1. I LOVE how that turned out! It is perfection with your EDP, nice work! Miss my soft pale pink hair, but it would only be that lovely hue for a few days before the yellow-ish grungy tone would lurk through....don't remember violet shampoo helping either.

    1. Thanks! I love that wig, it was my first wig and it's still a huge favorite. Ick on the grungy tones! I know yellow tones will affect pink, making it salmon-y, peachy or even orange. I like toner over purple shampoos/conditioners, since they aren't very hydrating (so not helpful with how light you have to get hair to get a really pure pastel pink) and I can see the toner's change instantly. I like Wella's T18 for a very pale, level 10-11 blonde. :3

    2. Cool, I'll have to look into that if I ever go back to pale pink. That grunginess would always appear on my ends, my hair has been collarbone length or shorter (like a longish bob) for the past few yrs.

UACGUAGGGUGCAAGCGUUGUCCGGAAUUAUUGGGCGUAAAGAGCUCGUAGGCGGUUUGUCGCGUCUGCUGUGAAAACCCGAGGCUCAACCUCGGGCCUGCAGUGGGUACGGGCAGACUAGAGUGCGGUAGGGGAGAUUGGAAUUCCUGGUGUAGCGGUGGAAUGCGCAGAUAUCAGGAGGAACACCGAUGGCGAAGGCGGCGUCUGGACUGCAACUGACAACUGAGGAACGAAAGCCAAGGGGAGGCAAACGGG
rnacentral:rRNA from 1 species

3. So has mine, oh the trials of colorful hair! I really like it, it hasn't failed on level 8 to level 9 hair and I recently used it to get a really pure neon green and a rich teal. I was worried any yellow tones would alter the green to be darker or more yellow-toned than it already is, but it's come out wonderfully since toning it. I have a complete appreciation for toners.


Leave a comment and I'll get back to you as soon as I can ~